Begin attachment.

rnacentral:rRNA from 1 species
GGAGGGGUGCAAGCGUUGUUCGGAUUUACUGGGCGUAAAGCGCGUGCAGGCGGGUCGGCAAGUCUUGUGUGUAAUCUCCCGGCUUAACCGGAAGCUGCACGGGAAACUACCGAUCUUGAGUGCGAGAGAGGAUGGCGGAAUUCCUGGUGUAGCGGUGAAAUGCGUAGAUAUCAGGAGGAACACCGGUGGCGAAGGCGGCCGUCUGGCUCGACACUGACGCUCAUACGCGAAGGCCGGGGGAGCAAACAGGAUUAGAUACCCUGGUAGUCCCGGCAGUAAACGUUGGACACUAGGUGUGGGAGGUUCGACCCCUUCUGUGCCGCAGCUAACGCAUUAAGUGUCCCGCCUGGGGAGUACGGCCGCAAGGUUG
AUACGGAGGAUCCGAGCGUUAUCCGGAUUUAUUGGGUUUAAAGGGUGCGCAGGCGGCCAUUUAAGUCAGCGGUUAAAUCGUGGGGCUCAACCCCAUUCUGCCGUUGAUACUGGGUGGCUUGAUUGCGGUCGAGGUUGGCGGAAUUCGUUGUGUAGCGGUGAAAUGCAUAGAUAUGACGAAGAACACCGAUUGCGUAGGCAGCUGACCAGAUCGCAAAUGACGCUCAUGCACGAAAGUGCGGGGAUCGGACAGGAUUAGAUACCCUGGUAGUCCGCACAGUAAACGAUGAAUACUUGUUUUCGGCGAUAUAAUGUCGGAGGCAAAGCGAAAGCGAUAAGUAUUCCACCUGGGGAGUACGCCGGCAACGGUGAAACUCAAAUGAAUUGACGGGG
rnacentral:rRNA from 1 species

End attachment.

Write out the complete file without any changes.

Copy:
rnacentral:rRNA from 1 species
GGAGGGGUGCAAGCGUUGUUCGGAUUUACUGGGCGUAAAGCGCGUGCAGGCGGGUCGGCAAGUCUUGUGUGUAAUCUCCCGGCUUAACCGGAAGCUGCACGGGAAACUACCGAUCUUGAGUGCGAGAGAGGAUGGCGGAAUUCCUGGUGUAGCGGUGAAAUGCGUAGAUAUCAGGAGGAACACCGGUGGCGAAGGCGGCCGUCUGGCUCGACACUGACGCUCAUACGCGAAGGCCGGGGGAGCAAACAGGAUUAGAUACCCUGGUAGUCCCGGCAGUAAACGUUGGACACUAGGUGUGGGAGGUUCGACCCCUUCUGUGCCGCAGCUAACGCAUUAAGUGUCCCGCCUGGGGAGUACGGCCGCAAGGUUG
AUACGGAGGAUCCGAGCGUUAUCCGGAUUUAUUGGGUUUAAAGGGUGCGCAGGCGGCCAUUUAAGUCAGCGGUUAAAUCGUGGGGCUCAACCCCAUUCUGCCGUUGAUACUGGGUGGCUUGAUUGCGGUCGAGGUUGGCGGAAUUCGUUGUGUAGCGGUGAAAUGCAUAGAUAUGACGAAGAACACCGAUUGCGUAGGCAGCUGACCAGAUCGCAAAUGACGCUCAUGCACGAAAGUGCGGGGAUCGGACAGGAUUAGAUACCCUGGUAGUCCGCACAGUAAACGAUGAAUACUUGUUUUCGGCGAUAUAAUGUCGGAGGCAAAGCGAAAGCGAUAAGUAUUCCACCUGGGGAGUACGCCGGCAACGGUGAAACUCAAAUGAAUUGACGGGG
rnacentral:rRNA from 1 species